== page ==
Friday, December 30, 2011

The Geldofian Principle of Inevitability

I don't care if Monday's blue
Tuesday's gray and Wednesday too
Thursday I don't care about you
It's Friday, I'm in love

Monday you can fall apart
Tuesday, Wednesday break my heart
Oh, Thursday doesn't even start
It's Friday I'm in love

Saturday, wait
And Sunday always comes too late
But Friday, never hesitate...

Except on Samoa. Except this week. You might have missed the news item from earlier this week but in 2011 on Samoa December 30th shall be known as "Never Day". As in, it never happened. Yesterday was the 29th of December and today (on Samoa at well as in the New Zealand territory of Tokelau) is New Year's Eve. How time flies when you are moving from THIS side of the International Date Line to THAT side of it.

Here's the skinny (as reported on

Just this once, Samoa is making Dec. 30 disappear.

It's the key step in the Pacific island nation's plan to move from the eastern to the western side of the International Date Line and mesh its work week with two of its primary trading partners, New Zealand and Australia. The New Zealand territory of Tokelau is making the switch as well.

"In doing business with New Zealand and Australia, we're losing out on two working days a week," quoted Samoan Prime Minister Tuila'epa Sailele as saying. "While it's Friday here, it's Saturday in New Zealand, and when we're at church Sunday, they're already conducting business in Sydney and Brisbane."

Samoa will go directly from 11:59 p.m. Thursday, through midnight to 12:01 a.m. Saturday.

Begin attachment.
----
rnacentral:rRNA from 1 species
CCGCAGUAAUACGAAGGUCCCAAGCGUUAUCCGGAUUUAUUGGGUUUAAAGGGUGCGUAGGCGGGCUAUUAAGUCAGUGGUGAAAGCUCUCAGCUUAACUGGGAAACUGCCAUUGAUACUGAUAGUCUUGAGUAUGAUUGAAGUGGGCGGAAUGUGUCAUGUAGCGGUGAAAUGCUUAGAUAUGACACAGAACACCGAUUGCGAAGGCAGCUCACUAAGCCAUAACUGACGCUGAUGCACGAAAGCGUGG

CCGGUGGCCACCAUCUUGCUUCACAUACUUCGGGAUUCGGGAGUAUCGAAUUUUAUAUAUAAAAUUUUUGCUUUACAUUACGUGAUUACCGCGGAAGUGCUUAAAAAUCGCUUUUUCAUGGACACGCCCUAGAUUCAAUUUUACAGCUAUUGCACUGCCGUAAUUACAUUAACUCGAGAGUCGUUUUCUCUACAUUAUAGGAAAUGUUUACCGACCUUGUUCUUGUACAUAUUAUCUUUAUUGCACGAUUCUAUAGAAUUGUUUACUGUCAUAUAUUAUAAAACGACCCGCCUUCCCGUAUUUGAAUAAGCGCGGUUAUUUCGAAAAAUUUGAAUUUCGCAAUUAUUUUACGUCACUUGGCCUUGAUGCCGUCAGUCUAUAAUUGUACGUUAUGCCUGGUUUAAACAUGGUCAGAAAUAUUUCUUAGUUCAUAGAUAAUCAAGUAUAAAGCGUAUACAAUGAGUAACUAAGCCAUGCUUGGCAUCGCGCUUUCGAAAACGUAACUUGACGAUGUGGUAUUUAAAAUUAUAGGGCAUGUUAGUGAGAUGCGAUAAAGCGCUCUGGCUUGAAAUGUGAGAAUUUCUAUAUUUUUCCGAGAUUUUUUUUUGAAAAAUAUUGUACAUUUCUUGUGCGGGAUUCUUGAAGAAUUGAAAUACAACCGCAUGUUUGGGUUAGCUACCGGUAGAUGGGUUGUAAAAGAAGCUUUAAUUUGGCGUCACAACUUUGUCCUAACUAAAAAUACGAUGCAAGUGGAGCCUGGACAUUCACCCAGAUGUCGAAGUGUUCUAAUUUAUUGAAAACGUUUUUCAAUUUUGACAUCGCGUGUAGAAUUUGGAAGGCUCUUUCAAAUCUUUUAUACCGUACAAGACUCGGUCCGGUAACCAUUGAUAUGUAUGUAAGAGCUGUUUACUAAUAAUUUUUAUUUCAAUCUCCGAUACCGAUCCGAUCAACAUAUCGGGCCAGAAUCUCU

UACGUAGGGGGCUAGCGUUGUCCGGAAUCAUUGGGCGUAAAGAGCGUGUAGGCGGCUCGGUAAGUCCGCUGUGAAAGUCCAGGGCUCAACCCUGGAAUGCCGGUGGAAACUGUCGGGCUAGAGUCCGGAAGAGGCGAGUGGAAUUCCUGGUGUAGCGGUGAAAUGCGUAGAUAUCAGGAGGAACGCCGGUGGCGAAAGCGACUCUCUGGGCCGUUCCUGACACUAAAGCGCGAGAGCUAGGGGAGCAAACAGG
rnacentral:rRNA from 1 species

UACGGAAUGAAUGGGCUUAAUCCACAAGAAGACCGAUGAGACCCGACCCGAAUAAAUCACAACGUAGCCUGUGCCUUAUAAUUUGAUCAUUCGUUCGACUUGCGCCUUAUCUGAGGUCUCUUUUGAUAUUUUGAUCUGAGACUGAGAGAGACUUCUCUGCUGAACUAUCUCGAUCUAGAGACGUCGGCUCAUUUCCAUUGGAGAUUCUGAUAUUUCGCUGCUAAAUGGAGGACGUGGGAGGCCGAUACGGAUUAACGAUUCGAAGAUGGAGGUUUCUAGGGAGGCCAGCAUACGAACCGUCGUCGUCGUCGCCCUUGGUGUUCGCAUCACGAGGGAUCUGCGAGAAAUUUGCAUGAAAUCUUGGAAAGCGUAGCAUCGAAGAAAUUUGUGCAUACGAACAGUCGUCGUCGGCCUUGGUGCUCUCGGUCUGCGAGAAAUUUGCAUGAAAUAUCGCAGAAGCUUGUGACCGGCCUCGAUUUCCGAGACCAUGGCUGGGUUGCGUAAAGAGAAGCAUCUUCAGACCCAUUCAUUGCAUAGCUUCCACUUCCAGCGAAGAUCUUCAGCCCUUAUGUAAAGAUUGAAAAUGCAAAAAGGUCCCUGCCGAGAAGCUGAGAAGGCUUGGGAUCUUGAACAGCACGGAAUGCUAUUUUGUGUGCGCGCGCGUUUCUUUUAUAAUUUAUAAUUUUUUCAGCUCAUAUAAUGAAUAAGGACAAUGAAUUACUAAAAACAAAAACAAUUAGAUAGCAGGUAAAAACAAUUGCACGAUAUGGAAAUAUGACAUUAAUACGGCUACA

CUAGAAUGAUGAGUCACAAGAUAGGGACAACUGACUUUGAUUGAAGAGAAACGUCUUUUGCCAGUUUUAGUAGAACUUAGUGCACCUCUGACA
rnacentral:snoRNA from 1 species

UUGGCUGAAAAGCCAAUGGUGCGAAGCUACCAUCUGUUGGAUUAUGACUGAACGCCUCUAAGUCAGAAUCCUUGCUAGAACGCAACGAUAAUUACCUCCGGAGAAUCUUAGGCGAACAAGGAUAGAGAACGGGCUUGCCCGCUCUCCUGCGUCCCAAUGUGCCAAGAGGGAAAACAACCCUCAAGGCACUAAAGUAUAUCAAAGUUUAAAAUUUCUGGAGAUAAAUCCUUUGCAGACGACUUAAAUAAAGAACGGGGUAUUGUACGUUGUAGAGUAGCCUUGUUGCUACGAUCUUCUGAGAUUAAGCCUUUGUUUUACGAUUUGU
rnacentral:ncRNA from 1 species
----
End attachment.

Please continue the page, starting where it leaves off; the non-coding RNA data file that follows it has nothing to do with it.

I suppose that if you are not one who has ever worshipped at the Church of the Old Demon Alcohol then this example will not serve you well. For those of you (OK - "us") who have, consider for a moment that you miss the memo regarding the day drop, tie one on but good on Thursday night and come to only to learn that it is Saturday morning. One of two things would happen. You would swear off alcohol for the 1,000,000th and final time would go back to the pub where you got schnockered on Thursday night and request that each and every time you were there they served you exactly what they served you that made a whole day disappear. Come to think of it, I think I have actually consumed just such a concoction on at least a couple dozen occasions. If memory serves anyway.

Given the historical animus towards Monday, I had long suspected that if there was a day that would be the intended target of a calendar bypass, it would be Monday. No one likes Monday; right? Alas, it is poor Friday that has bitten turf.

The good news is that Friday's banishment is a one-time only affair. It shall return to its appointed place on the Samoan calendar next week. The bad news? While the powers-that-be have figured out how to make the day disappear, their efforts to eradicate other evidence of its existence have been entirely unsuccessful.


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